Ochs (1993) argues that “referential indexes are far fewer than non-referential indexes of social meaning, including gender” (p. 146). This means that “the relationship between language and gender is almost always indirect, mediated by something else” (Cameron & Kulick, 2003, p. 57). For example, lifestyle indicators (work, leisure activities, and so on) are used as ways of generating inferences about gender, class, and other aspects of selfhood through assumptions made about the preferences expressed. This shows how “social meaning may be reconstituted through other social meanings” (Ochs, 1993, p. 152) and that consequently, people can “mobilize the [gendered] inferences” involved in referencing various lifestyle and consumer choices (Kitzinger, 2006, p. 176).
Just like with most dating sites, in order to communicate and send someone you’re interested in a message, you must pay for a membership. However, if you don’t have a membership and are lucky enough to catch the eye of a premium user, they can message you and allow you to message back. They also have chatrooms where you can go in and talk about a variety of topics, particularly about church and faith, and meet other guys and girls. Not a lot of people take part in the chat rooms simply because most people just want to look at profiles of other users and go fishing, but it’s still a pretty cool feature.
Over the past 15 to 20 years, Internet-based dating has become a tool utilized by increasing numbers of “singles” in their search for romantic partners. Unlike the print personals of the past, which were restricted in form due to the space constraints of paper publications such as newspapers, online dating advertisements—or indeed, profiles, as they have become—are enabled by the more flexible medium of the Internet. As such, they have the capacity to support large amounts of text through which users can construct more nuanced versions of their “presenting selves” (Goffman, 1959). Online dating sites, like many other Internet-based social media tools, operate through a mode of communication that requires users to develop a new and complex literacy. This literacy of self-presentation reinforces and re-inscribes the tendency toward promotionalism that permeates contemporary economic, cultural, and social life.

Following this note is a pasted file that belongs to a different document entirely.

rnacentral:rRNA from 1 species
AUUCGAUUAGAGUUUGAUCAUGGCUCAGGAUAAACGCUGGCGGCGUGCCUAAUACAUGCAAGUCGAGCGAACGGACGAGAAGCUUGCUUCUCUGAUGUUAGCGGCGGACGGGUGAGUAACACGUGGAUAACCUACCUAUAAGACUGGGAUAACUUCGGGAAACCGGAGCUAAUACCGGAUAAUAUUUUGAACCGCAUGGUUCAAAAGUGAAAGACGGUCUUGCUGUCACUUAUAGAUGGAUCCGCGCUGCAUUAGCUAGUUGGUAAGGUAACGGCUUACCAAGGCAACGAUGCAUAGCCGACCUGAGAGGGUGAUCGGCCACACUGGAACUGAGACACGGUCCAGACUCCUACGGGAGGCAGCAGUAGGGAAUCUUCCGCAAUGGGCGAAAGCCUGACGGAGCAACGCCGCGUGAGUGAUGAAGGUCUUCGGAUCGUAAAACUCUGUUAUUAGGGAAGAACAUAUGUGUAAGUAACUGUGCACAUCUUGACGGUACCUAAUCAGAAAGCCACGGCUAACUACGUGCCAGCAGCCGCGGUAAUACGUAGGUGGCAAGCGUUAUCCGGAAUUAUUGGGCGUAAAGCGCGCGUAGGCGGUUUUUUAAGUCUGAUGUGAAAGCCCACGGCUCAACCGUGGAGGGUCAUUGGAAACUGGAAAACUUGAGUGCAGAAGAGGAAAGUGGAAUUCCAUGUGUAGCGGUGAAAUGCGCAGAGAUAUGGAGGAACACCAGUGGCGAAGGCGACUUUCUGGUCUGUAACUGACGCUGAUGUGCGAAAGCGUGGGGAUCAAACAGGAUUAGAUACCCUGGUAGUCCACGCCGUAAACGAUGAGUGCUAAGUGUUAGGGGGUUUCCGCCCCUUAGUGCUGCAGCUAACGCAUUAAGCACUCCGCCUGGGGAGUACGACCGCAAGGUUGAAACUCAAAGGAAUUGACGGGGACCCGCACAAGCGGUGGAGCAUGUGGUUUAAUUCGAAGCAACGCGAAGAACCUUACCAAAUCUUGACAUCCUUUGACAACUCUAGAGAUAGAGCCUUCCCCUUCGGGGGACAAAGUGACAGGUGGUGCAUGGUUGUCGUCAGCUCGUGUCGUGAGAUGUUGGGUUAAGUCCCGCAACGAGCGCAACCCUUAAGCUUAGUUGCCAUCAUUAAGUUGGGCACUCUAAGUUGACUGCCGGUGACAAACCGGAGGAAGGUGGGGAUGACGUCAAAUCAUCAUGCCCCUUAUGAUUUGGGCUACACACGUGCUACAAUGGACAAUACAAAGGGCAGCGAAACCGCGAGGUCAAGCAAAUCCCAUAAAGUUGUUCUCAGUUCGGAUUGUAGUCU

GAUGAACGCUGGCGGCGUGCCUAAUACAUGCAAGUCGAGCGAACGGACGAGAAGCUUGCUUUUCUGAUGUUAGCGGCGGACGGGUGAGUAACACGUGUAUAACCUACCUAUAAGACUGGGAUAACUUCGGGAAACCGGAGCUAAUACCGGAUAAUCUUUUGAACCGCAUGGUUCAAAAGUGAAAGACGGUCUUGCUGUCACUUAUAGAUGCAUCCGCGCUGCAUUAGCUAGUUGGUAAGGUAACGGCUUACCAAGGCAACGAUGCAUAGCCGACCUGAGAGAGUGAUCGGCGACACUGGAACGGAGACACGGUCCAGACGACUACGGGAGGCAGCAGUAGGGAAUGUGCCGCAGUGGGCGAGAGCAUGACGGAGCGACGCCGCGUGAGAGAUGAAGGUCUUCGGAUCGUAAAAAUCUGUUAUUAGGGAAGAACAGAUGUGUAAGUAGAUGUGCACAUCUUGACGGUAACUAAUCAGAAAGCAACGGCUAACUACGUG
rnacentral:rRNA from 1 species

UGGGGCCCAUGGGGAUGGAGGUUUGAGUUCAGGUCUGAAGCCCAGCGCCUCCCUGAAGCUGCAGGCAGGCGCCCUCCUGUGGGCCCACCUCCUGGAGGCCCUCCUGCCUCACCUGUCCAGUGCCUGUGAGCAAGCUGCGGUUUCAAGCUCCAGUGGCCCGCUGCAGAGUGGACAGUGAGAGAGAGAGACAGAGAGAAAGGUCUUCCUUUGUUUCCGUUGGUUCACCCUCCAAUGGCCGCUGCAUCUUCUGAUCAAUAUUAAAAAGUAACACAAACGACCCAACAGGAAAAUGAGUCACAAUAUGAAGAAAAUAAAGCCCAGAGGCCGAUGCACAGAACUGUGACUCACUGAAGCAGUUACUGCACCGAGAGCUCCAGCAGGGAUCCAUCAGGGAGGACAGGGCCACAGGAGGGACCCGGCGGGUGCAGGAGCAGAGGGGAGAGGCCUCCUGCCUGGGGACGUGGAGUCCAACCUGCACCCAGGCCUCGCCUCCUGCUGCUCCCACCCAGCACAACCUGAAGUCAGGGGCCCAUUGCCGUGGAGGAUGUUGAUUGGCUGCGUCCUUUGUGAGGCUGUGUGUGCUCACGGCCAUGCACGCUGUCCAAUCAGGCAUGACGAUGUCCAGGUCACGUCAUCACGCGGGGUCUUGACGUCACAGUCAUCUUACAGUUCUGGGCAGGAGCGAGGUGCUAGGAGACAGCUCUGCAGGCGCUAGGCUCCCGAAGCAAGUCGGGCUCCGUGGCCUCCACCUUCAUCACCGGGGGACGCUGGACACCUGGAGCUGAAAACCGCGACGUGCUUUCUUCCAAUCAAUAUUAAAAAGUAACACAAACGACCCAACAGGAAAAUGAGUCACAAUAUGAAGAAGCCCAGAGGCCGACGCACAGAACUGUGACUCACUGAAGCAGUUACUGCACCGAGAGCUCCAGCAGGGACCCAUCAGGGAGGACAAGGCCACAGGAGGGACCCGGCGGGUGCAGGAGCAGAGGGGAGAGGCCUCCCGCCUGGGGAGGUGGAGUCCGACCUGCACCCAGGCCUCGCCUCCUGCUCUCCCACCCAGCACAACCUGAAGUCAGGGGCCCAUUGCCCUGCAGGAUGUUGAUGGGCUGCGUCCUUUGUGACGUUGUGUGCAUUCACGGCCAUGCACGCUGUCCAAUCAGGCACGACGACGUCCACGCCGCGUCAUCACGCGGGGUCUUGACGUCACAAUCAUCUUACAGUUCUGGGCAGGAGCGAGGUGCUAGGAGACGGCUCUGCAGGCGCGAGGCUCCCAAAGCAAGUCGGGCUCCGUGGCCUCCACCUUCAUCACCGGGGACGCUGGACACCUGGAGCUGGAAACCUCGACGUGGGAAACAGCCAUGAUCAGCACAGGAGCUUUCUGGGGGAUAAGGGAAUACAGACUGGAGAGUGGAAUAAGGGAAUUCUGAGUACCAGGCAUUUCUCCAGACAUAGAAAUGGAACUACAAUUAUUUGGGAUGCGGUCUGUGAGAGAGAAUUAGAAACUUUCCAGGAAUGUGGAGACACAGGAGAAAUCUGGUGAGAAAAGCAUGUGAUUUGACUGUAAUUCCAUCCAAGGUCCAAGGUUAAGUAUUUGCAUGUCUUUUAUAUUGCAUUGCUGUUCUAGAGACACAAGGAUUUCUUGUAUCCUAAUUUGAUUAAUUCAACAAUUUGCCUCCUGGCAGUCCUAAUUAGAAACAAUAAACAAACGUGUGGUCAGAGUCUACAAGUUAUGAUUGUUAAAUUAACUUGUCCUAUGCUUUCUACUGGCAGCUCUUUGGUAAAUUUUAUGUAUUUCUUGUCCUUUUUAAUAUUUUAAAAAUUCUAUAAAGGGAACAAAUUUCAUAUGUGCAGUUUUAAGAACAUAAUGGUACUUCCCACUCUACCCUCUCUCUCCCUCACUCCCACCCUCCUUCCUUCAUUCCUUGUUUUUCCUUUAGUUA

Match offers a free trial period. Without paying for a membership, you can create a profile, receive match suggestions, search for potential matches and send "winks" to people. Unfortunately, without a full membership you can't respond to or block other users, use the chat function or see who has viewed your profile. If you upgrade to a paid account, Match.com guarantees you'll find someone special within six months of membership. Although, they aren't exactly specific about what "special" means.
Mutual is a free dating app for members of The Church of Jesus Christ of Latter-day Saints. You set up a profile, and then the app works similarly to Tinder. If two people express an interest in each other while swiping through user profiles, they're matched and able to start chatting. There's even a "double take" feature where you can get a second chance to swipe right on a profile if you accidentally skip it while scrolling. Facebook is required in order for you to use the app. This is to help eliminate the presence of fake profiles or bots.
What happens to the form and features of dating discourse when the signifiers of the body that are employed in the “short ads”—like “slim,” “blonde,” and so on, are already “covered” by the use of a photograph and a series of checked boxes that refer to height, weight, and hair colour? Paap and Raybeck (2005, p. 23) argue that “while looks certainly play a role (and are also embedded in other qualities, such as ‘fitness’ or ‘healthy lifestyle’), they play a different role because they are described as a demographic aside and don’t need to be included in one’s own personal narrative.” Possibly because of this, there were few explicit references to bodies (or to sex) in the profiles I used in this analysis. This seems interesting in a context where photos may be used as an initial means of eliminating candidates from a larger pool of possible dates, but text often does the rest of the rhetorical work.
So given the evidence, and the fact that it’s totally okay to think dating online sucks and still do it anyway, I wanted to know: Which apps come most recommended by people who fuckin’ hate to date? Which tech have daters made peace with, and why? Some of their answers won’t surprise you—even if their reasoning does—while other options are refreshingly new.
If you’ve ever used a Cupid-family dating site before, you may be familiar with the CupidTag system. This system lets you apply tags to your profile, and see tags on other profiles. You can also narrow your searching with tags, so it’s easier to find who you’re looking for. Tags might range from tidbits about your job (“pilot”) to hobbies you enjoy (“kayaking).
Although the user base isn’t as large as that of Match.com or eHarmony, it is growing – and unlike eHarmony, Chemistry.com also allows same-sex matching. Free users can take the personality test, see photos, and get matches; however, you must subscribe to contact other members. The cost to join is $39.99 for one month, $26.99 per month for a three-month subscription, and $20.99 per month for a six-month subscription.